SCMP Friday, March 9, 2001
What lies beneath?
It is 6pm on January 10, 1901. A 40-year-old English tutor is waiting to give a lesson at his home on Gage Street, Central.
Suddenly a gang bursts through his front door. Armed with pistols, they open fire. The first shot hits the teacher in the head, the second and third bury themselves in his chest. The killers then disappear into the dark streets. The man left lying in a pool of blood is taken to hospital, where he dies the next day.
So ended the life of Yang Qu-yun - a man described as being as important, if not more so, than legendary leader Dr Sun Yat-sen in the movement that led to the 1911 revolution against the Qing dynasty.
It is a surprise then to discover that a man with such a reputation should lie in the Happy Valley's Hong Kong Cemetery unnamed and unremembered. His final resting place marked by a slender statue and a number, 6348, carved into the stone. However, one man is fighting to resurrect the reputation of this Hong Kong-raised patriot whose dream was to rescue millions of Chinese people suffering under a corrupt regime.
"I was very sad when I first heard about Yang's story," says Ng Huen-yan, chairman of the 100-year Commemoration of Yang Qu-yun Committee. "He was the first Hong Kong person involved in the 1911 revolution to be assassinated."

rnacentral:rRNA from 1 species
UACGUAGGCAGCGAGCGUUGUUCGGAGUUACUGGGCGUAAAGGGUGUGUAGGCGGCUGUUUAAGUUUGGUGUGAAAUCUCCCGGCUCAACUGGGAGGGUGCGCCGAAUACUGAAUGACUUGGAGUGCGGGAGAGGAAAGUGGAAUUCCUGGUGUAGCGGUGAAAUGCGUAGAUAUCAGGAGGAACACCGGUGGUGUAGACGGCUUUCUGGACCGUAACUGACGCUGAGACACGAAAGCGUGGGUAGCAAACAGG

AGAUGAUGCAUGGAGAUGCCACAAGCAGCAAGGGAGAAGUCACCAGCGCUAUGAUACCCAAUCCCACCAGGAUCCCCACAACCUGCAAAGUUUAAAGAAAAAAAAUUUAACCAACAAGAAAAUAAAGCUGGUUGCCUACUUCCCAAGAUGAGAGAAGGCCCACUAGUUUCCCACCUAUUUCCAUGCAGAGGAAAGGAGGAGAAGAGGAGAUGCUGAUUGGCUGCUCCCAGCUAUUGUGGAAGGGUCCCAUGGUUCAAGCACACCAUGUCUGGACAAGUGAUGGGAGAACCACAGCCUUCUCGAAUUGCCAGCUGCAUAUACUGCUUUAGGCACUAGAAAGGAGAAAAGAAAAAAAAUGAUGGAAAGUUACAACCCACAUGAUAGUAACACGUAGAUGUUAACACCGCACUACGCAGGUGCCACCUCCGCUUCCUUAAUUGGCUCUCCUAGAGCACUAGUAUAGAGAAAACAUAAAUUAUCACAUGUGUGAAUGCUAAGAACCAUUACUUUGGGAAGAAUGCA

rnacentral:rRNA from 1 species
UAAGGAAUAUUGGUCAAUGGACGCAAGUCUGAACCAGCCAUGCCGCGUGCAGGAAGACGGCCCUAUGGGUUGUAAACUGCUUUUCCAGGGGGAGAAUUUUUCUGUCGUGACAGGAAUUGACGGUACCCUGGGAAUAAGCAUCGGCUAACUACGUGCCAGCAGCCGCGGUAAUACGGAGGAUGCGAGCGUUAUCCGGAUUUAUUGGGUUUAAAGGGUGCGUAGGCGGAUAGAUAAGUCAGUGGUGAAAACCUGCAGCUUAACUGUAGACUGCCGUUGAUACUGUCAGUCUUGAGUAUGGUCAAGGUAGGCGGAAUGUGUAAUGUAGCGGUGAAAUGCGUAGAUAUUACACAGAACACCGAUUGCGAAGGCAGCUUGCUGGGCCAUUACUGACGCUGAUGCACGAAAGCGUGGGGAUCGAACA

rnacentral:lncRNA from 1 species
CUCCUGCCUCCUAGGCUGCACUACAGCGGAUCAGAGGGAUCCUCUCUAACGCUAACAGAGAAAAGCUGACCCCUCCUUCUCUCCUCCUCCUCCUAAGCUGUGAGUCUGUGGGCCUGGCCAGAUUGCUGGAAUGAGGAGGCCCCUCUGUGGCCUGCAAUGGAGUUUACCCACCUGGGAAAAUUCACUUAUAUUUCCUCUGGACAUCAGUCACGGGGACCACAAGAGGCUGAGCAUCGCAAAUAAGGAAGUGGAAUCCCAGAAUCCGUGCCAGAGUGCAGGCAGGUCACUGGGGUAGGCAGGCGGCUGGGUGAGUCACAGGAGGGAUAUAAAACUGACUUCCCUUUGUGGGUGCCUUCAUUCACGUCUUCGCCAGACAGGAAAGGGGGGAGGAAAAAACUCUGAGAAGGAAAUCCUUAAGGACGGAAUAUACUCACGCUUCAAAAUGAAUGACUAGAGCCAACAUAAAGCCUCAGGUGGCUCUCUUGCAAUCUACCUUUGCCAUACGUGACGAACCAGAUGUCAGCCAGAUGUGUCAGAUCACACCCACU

In 1996, Ng, who had been working as a writer, magazine editor and tutor at the University of Hong Kong, happened upon information about Yang while researching another project. "I was doing a Hong Kong literature study scheme organised by the Urban Council, and realised that there was a society called Foo Yan Man Sar (Society for Kindness and Culture), headed by Yang," Ng says. This sparked an interest and Ng set about investigating Yang's story.
Yang was born in Humen, Guangdong, in 1861. Not long after his birth, his mother took him to Hong Kong to be with his father.
Yang grew up to become a trainee mechanic at the Hong Kong Navy shipyard. He also studied English at night.
Slowly Yang, angry over the weakness of the 268-year-old Qing dynasty (which was regularly invaded by foreign powers), began to create a vision of a revived China. Central to his dream was an end to the Manchuria-based dynastic rule and the building of a republic.
In 1890, with 15 other men, he founded the Foo Yan Man Sar, to "renovate the society, study the science". Among the group was Yang's long-time supporter Tse Tsan-tai, a young Chinese man who had recently returned from Australia and who went on to set up The South China Morning Post in 1903.
With Yang, the eldest, as chairman, Foo Yan Man Sar soon set about its real business: to act as a political forum for the promotion of anti-Qing ideas.
In the autumn of 1892, with his infamy growing in Hong Kong, Yang came across a man five years his junior who was to be vital to his dreams of revolution. His name was Dr Sun Yat-sen and he was to become known as the father of the Chinese revolution.
The two men became great friends and in 1895 they formed the Revive China Society (Xing Zhong Hui), with Yang as chairman. Foo Yan Man Sar merged into the new group and members took an oath to "expel the Manchus, restore Chinese rule and establish a federal republic".